How would we pay for this?
The short answer is….sacrificially. Something like this is going to take all of us, not just some of us. It’s going to take God moving in the hearts of all of us to truly give beyond what we think we can or have ever given before. We love the picture given in 1 Chronicles 29. We would encourage you to take a moment sometime soon and read this passage. David calls together all of the leaders of the nation. He paints a vision for them and encourages them to join him in sacrificial giving. Once the leaders had given, David and the leaders invite every man, woman and child to come and join them in this important moment. In this passage, the people come forth in impressive ways. In fact, 1 Chronicles 29:9 – “And the people were full of a sense of celebration—all that giving! And all given willingly, freely! King David was exuberant.” How great is that? Our prayer is that we, as a body, would find so much joy and so much delight in giving that we would have to say to our church family the same thing Moses told the people in Exodus 36:6-7 as they were building the tabernacle, “No man or woman is to make anything else as an offering for the sanctuary.” And so the people were restrained from bringing more, because what they already had was more than enough to do all the work.”
However, this question speaks to debt as well. Your Church Council is currently prepared to discuss a short-term bridge loan in order for us to begin building before all of the money has been received. Many people will be spreading out their giving over a 3-year period and, therefore, some sort of short-term financing might be needed. But let us be clear, Faith Covenant Church is not exploring debt options beyond this 3-5 year commitment period. Our prayer has been, and will continue to be, that God supplies “immeasurably more” than we can ask or imagine.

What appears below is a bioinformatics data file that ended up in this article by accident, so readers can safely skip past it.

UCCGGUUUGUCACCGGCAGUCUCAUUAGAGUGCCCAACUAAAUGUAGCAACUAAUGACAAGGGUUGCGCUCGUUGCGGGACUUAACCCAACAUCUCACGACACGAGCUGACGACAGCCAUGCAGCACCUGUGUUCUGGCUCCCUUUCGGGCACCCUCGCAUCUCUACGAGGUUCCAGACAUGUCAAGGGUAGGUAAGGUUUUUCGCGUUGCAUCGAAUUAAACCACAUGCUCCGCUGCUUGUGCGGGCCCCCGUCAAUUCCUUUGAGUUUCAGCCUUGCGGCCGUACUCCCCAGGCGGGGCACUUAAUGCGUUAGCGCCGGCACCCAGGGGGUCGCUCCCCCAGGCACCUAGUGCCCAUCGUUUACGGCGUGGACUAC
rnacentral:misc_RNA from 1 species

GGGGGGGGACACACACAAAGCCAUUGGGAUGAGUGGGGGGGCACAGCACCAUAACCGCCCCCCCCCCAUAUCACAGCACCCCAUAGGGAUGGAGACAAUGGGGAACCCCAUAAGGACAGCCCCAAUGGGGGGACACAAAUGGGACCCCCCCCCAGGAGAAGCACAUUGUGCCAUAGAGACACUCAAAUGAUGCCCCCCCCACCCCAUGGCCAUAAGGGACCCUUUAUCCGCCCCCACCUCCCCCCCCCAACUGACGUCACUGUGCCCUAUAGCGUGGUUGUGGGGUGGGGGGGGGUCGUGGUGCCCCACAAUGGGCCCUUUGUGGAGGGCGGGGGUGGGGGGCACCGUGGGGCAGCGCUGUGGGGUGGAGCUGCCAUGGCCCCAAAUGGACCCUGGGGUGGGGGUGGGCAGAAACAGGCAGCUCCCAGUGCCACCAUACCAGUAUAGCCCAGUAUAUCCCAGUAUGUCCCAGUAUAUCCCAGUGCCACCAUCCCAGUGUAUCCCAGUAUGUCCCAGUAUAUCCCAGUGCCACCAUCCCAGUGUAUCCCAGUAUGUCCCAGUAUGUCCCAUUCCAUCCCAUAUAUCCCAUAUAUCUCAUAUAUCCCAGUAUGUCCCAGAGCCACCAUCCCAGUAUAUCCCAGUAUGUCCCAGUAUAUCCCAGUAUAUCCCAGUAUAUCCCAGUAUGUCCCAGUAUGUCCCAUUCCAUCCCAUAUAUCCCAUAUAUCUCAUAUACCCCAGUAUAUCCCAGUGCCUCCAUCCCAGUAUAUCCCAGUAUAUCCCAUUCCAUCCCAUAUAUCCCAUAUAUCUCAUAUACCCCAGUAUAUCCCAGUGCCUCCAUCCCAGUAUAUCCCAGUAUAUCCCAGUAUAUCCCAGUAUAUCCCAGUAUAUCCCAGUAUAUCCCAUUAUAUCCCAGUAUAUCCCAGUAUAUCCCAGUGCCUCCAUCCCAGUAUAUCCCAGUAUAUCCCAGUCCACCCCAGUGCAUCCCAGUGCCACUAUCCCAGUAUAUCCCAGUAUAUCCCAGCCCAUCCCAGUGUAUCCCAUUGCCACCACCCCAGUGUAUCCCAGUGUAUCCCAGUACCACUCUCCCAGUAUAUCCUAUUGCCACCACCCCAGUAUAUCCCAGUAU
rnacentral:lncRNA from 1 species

The exterior doesn’t look much like a church. Why?
Again, we are walking a fine line here. Some people are concerned that the building doesn’t look like a church. Others are concerned that we be a resource for our community and our building not simply sit empty all week and function like a museum. Well, as we’ve spoken with various groups in our community, they don’t always want to meet in a facility that looks significantly like a traditional church because many of their members or constituents are not believers. If we want to have our worship center used as a performing arts stage for various community plays, then we must take this into consideration. As schools use our facility for teacher in-service days, HOA’s use our facility for gatherings and so on, we need to make sure that we understand this perspective if we want to be who we say we want to be. Otherwise, we will just need to be satisfied with usually serving only the Christian community in our city and neighborhood.
Also, the design for the church was based on a desire to make sure it was aesthetically pleasing not only today, but also for the decades to come. The design trends change and we are trying to meet the desires and preferences of the Silent Generation, the Boomer Generation, the Millennials and Gen Z. An intergenerational church like ours is going to have some difficulties in meeting everyone’s specific preferences in regards to designs, especially since we’re trying to project into the next 20+ years as well.
Where will we meet during construction?
There are currently several options that could be a possibility. One possibility is the preforming arts theater at Northeast High School. We also have a great relationship with Shorecrest and have met there in our past when needed. How much we build will determine the number of weeks we might need to be out of the building, but our current architect specializes in churches and their unique meeting needs. We are sure they will do their absolute best to minimize our need for relocation.
What happens to the houses across the street?